Anyway, time to shut up. I'll leave (for now) with this summary:

1. Build your own PC.
2. If you can't build your own PC, find someone who can, that you trust, and discuss exactly what you want to do with your new PC.
3. If you aren't entirely sure, ask an expert. Look at uk.comp.homebuilt for example.

Finally, if you really must buy a brand-name or high-street PC, read and understand the results of the PC Magazine Reliability survey, which you can find here: [URL Removed by moderator]

Pay particular attention to the figures for D.O.A. and lifetime failure on page seven: [URL Removed by moderator]


Why build your own?

Post 2

Fruitbat (Eric the)

I echo a lot of the sentiments in your piece. I'd also add that because a PC is Microsoft-based, the OS is inherently unstable (I was told that by an MCSE grad, although reality has demonstrated the same) and building a computer from the box up is asking for problems even with experience.
(I'll come clean and say that I'm a happy Mac user who started computing on Windows boxes; I know something of what I speak.) Unless you're a determined geek and love technical headaches, follow the presented advice: figure out PRECISELY what you want to use the machine for, do some research about what's REALLY needed to make that happen, and then take someone knowledgeable with you to fight off the hyper-salespeople....

PS: make sure that the primary buss is compatible with both the components and the motherboard. There's no point in having a G4 processor on a 266Hz buss (if that makes any sense to you).


Why build your own?

Post 3

Researcher 167022

As a recovering computer tech of long experience, I must echo the sentiments expressed previously. The current state of the art in computer design has all but eliminated the end user from upgrading their own computer let alone building one.

The best advice, in order: when you get the urge to build your own computer, sit down in a dark place, and listen to soft, soothing music until the urge goes away. They days when you could do this without much pain are long over.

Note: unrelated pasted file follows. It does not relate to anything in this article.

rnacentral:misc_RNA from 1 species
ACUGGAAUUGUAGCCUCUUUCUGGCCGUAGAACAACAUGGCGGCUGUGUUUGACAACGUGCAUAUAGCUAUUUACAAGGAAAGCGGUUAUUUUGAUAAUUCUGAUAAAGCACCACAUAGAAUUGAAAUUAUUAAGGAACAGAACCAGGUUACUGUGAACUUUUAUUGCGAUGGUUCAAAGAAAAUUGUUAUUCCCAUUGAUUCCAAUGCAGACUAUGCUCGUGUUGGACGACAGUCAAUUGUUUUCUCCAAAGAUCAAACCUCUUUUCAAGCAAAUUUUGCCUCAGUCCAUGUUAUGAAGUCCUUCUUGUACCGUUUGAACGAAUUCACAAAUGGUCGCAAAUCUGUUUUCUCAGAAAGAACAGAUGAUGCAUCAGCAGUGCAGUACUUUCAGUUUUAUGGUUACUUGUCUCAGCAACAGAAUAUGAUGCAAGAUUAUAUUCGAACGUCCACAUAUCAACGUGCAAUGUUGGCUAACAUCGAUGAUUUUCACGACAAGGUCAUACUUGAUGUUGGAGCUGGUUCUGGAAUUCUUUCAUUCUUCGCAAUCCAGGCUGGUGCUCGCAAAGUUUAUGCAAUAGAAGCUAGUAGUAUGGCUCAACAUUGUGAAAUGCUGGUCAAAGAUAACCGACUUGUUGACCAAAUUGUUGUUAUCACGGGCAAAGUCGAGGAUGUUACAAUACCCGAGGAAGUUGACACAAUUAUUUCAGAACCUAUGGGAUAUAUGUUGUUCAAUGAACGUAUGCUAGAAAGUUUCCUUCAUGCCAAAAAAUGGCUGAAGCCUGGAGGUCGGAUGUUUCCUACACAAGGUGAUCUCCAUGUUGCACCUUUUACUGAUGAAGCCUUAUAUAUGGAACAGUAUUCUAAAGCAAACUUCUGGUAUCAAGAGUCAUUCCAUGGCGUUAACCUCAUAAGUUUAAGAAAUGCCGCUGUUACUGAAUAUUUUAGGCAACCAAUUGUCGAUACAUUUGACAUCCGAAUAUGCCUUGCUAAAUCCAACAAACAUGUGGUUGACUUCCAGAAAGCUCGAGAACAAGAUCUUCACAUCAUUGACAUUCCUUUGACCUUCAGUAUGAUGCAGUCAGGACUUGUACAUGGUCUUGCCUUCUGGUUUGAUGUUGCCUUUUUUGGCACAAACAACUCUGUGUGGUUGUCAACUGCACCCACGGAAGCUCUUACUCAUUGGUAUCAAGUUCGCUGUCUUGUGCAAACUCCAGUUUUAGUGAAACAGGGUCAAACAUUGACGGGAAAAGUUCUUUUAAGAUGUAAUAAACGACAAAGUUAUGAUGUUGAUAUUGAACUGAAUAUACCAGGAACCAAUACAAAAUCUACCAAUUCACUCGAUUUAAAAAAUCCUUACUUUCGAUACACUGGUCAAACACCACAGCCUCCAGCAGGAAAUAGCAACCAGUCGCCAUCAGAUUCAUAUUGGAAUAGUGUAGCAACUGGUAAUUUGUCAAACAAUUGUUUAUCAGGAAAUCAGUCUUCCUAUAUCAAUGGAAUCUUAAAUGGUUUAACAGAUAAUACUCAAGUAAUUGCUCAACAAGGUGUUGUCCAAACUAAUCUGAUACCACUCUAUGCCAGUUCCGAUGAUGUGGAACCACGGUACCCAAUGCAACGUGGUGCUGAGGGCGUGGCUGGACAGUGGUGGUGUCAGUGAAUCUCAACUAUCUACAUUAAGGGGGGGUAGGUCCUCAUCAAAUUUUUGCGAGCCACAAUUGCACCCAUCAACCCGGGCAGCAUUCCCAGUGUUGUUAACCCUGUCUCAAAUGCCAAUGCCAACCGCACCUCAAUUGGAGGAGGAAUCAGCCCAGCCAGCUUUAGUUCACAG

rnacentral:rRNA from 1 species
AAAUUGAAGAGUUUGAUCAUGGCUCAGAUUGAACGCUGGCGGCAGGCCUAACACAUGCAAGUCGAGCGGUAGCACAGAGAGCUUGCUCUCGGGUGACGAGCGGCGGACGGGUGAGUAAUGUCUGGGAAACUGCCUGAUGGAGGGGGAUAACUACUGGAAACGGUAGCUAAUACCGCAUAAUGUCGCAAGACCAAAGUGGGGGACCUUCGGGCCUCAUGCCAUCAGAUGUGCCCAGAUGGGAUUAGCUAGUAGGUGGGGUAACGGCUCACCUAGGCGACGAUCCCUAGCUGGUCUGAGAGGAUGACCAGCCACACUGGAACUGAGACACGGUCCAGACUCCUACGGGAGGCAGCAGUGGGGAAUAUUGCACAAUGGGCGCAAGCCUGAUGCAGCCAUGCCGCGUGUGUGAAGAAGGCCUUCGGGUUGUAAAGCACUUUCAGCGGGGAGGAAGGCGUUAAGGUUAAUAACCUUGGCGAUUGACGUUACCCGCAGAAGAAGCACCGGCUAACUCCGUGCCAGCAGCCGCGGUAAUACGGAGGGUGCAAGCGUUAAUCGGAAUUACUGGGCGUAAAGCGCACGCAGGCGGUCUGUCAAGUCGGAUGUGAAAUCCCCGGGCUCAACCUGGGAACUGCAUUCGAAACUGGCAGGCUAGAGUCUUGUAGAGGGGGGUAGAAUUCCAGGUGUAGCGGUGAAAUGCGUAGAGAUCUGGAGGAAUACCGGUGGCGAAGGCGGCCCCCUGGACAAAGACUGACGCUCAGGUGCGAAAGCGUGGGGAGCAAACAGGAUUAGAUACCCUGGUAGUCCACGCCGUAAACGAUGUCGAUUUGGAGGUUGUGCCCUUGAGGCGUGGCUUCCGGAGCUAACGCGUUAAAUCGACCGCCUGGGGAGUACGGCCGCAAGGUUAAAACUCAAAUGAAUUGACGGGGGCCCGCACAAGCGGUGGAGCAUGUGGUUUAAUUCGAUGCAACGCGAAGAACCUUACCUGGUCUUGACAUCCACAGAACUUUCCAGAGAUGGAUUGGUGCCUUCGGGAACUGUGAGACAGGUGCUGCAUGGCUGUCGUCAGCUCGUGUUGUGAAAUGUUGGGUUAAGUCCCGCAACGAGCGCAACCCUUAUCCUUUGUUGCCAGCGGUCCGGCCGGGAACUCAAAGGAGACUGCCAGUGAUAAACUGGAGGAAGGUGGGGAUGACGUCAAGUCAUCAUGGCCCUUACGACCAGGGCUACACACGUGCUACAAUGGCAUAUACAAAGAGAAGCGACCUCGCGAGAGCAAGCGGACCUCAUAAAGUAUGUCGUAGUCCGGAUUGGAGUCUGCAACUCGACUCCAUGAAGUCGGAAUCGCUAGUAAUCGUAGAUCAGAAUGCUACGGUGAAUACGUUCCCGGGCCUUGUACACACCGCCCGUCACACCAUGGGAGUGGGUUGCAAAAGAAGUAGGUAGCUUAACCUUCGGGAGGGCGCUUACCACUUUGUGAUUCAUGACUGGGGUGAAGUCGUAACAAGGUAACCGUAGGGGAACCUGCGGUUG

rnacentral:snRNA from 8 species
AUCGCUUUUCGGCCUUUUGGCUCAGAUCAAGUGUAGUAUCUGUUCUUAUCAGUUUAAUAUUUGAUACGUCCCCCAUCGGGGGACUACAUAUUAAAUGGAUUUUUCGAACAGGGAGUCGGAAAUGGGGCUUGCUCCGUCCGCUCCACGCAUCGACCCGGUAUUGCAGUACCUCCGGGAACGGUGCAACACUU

The next step is link up with someone who does know what they are doing, and be prepared to PAY for their advice. Define your problem, and figure out exactly just what you need the computer for, and more importantly, what you don't need the computer for. This will save you in the long run. Possibly the best sources for this information are local user groups. Talk to people who have built their own, and specifically ask whether they would do it again, and what they would do differently if they would do it again.

I could go on in this vein at great length, but while this is a useful article, it does describe an activity that can be frought with peril.

Why build your own?

Post 4


Shheesh.... some of the above is true but......Building a pc / server is not difficult...really it isn't, I have put together several machines ranging from 233mhz firewalls to twin processor server class boxes (running windows / Freebsd / solaris).

Key thing....get to the manufacturer of your chosen (high quality) components and ask em...does this work with xyz (component / os). Make sure everything is compatible with everything else and handle your users expectations honestly. Tell 'em what they can do, what they can't, what you will be responsible for and won't and most important of all